Sunday, January 19, 2014

Film Review: Mission To Lars (James Moore, William Spicer) 2012

Mission To Lars

Fragile X syndrome is a hereditary learning disability that causes a combination of learning, social, language, attentional, emotional, and behavioral problems.  The name comes from a deficiency in the X chromosome – something that males have one of (XY) and females have two of (XX), meaning that it generally causes more problems in males.  The condition is the genetic equivalent of behavioural autism, effecting 1 in 4000 males and 1 in 8000 females with varying severity.  Mission to Lars is the story of one of those males.

Tom Spicer was diagnosed with Fragile X when he was in his teens and has led him to live in a care home called Bystock Court.  His younger brother Will became a filmmaker and his older sister Kate became a journalist.  When his siblings realized that they had begun to grow apart in their adulthood, they decided that they would give Tom an adventure.  One that he had spoken about for as long as they could remember:  to meet Lars.

Lars Ulrich is the drummer for Metallica – a heavy metal band that have an erratic relationship with their fans.  For years Tom has loved Metallica and has collected albums and merchandise, having a particular interest in the drummer.  He has also spent years telling people around him that he wants to ‘meet Lars’ – his language is limited but his passion clearly isn’t.  So Will and Kate decide to use their media connections to try and miraculously meet the rock idol and simultaneously spend more time with Tom.

The film works beautifully both as a funny road-movie across America, as well as an educational insight into Tom’s condition.  Before they leave Kate and Will must establish some rules that they collect from all of the people that look after Tom.  These include keeping to his routines, making sure that he has enough sleep and regular meals, not causing conflict in front of him and raising stress levels and most of all, letting him be the big brother.  Things do not go according to plan as they begin to realize how difficult it will be to convince Tom that this is something that he wants to do, and they have more than a few problems as they leave for America – but to explain them will ruin the charm of watching the family dynamics onscreen...

On the trip they talk to a leading expert on Fragile X who explains how Tom and others like him would be scared to go to loud, crowded places (such as a Metallica show!) as their hearing is vastly more sensitive.  During this interview Will gives Tom the task of recording the sound, so he begins to wear headphones and eventually gains confidence clearly feeling more a part of the project due to his technical role.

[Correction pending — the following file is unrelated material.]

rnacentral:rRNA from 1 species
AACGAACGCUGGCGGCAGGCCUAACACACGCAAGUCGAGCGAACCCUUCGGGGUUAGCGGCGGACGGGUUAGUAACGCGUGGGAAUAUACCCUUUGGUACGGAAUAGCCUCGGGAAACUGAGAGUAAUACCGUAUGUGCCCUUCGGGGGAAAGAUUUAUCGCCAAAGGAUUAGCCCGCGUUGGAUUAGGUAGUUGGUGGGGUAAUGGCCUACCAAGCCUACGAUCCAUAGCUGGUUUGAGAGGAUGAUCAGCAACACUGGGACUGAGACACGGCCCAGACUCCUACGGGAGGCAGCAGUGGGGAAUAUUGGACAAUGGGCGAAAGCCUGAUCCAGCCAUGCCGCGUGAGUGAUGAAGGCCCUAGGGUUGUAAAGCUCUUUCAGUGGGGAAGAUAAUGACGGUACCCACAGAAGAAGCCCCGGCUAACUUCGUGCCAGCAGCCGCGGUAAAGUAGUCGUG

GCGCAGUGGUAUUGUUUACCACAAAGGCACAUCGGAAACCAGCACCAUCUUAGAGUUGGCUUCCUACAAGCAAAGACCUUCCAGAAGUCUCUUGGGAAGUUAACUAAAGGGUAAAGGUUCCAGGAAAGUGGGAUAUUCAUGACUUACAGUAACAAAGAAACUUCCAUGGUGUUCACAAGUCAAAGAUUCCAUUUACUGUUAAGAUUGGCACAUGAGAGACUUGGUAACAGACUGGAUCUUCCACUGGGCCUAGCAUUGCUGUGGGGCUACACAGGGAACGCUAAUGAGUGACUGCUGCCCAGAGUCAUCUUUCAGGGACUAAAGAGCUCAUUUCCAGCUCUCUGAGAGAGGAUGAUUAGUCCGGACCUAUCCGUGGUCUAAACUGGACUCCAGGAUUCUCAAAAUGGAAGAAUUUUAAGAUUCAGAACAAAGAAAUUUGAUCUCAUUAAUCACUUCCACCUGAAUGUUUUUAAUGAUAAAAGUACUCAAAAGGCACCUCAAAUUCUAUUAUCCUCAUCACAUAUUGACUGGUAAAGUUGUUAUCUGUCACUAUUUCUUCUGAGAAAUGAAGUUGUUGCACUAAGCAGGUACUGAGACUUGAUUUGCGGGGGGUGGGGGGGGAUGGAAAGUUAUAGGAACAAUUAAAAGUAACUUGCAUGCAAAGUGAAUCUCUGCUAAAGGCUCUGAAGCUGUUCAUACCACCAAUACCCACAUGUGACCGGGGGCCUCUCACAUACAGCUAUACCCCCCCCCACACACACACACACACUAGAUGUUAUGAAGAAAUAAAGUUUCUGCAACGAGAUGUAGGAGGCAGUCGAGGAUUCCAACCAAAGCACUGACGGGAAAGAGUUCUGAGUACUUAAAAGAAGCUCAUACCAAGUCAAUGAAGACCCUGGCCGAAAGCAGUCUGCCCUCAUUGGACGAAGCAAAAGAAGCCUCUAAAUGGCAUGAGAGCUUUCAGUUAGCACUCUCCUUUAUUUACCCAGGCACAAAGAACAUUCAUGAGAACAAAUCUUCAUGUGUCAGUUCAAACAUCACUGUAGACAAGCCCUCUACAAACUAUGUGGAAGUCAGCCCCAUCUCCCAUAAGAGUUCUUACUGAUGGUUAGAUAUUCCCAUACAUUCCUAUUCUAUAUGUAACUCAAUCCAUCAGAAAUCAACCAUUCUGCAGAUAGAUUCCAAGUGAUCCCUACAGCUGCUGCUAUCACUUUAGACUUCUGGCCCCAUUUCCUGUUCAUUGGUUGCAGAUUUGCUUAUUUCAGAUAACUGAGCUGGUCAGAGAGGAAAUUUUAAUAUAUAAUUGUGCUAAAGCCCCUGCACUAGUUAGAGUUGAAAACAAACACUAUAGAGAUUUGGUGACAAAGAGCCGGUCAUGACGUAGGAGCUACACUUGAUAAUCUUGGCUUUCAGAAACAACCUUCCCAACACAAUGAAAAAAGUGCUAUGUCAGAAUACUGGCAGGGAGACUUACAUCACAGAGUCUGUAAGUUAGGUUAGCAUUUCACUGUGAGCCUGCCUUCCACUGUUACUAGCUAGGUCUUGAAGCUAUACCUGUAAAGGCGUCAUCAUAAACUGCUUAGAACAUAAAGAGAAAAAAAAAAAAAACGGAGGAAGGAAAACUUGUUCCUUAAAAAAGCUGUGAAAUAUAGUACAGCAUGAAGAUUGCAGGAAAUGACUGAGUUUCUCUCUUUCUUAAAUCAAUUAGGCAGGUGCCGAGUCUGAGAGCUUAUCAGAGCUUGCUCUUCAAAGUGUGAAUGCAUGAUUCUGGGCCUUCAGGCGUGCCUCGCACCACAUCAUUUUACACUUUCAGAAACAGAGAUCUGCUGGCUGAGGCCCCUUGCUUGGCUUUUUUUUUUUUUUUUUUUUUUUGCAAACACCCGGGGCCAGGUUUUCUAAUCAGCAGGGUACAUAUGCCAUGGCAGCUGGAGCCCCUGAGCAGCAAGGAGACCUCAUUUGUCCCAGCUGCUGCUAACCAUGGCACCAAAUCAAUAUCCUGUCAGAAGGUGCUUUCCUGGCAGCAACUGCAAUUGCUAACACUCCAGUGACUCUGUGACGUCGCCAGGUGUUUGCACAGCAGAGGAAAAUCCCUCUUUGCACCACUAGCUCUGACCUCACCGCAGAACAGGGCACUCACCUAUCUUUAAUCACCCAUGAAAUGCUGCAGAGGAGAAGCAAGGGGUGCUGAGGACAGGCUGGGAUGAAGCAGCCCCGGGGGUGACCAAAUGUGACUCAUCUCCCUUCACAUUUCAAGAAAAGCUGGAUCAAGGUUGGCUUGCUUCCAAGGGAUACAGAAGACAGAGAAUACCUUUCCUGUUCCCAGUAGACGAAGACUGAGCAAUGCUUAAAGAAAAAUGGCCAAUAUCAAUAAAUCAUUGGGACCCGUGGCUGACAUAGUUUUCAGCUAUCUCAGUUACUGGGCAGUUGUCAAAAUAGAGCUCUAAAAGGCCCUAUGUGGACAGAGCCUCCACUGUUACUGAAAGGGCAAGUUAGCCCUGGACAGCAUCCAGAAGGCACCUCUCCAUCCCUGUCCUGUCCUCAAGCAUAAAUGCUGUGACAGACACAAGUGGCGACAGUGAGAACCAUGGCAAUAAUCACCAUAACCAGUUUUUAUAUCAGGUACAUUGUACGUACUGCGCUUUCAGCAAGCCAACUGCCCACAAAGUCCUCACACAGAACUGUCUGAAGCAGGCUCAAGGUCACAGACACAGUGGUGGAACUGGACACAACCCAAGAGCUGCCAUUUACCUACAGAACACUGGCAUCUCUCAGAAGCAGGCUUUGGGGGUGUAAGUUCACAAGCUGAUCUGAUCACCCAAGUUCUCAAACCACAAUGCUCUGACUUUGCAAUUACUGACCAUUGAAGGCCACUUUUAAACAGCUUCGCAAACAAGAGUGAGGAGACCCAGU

There is a brilliant scene later on as the siblings arrive at one of the stadiums on the day of a gig and begin to battle through the crowd to get backstage.  The scene is edited with a frenetic rhythm to emphasise how Tom feels in crowded situations – filmmaking as a classic empathy tool.  At times you join in on the frustration at Tom’s stubbornness, but at other times you are forced to experience the world as close to how he sees it as possible.  The film never patronises him but works to highlight the difference in his outlook.

The joy on Kate’s face as Tom begins to enjoy himself is heartbreaking to watch.  They admit to being a typical ‘dysfunctional’ family albeit with an atypical central character, and onscreen Kate and Will are wonderful characters.

The project has a kind of unpretentious Britishness about it that gives it a great sense of humour.  There are funny and touching scenes where Tom and Will stay in and attempt to do the laundry as Kate goes off and gets drunk whilst seeing the band.  And although the film reinforces the stereotype that anything is possible in the US of A, I can't imagine there being the same acute charm and tenderness with an American family coming to Britain to meet Coldplay's drummer (or whatever the equivalent would be...)

Kate and Will never claim to be perfect, and often despair at how unhappy they seem to be making their brother by dragging him to Las Vegas and California, but the final moments of the film are so overwhelmingly joyous that the whole experience is clearly worthwhile.  In fact, it is one of the most satisfying conclusions to a film that I have ever seen.

The project is clearly an incredibly personal attempt to try and strengthen the bond between two siblings and their cherished yet vulnerable brother and for that reason it is an utter joy and a privilege to be invited along with them.

1 comment:

  1. This review is awe-inspiringly awesome. Do you actually know us?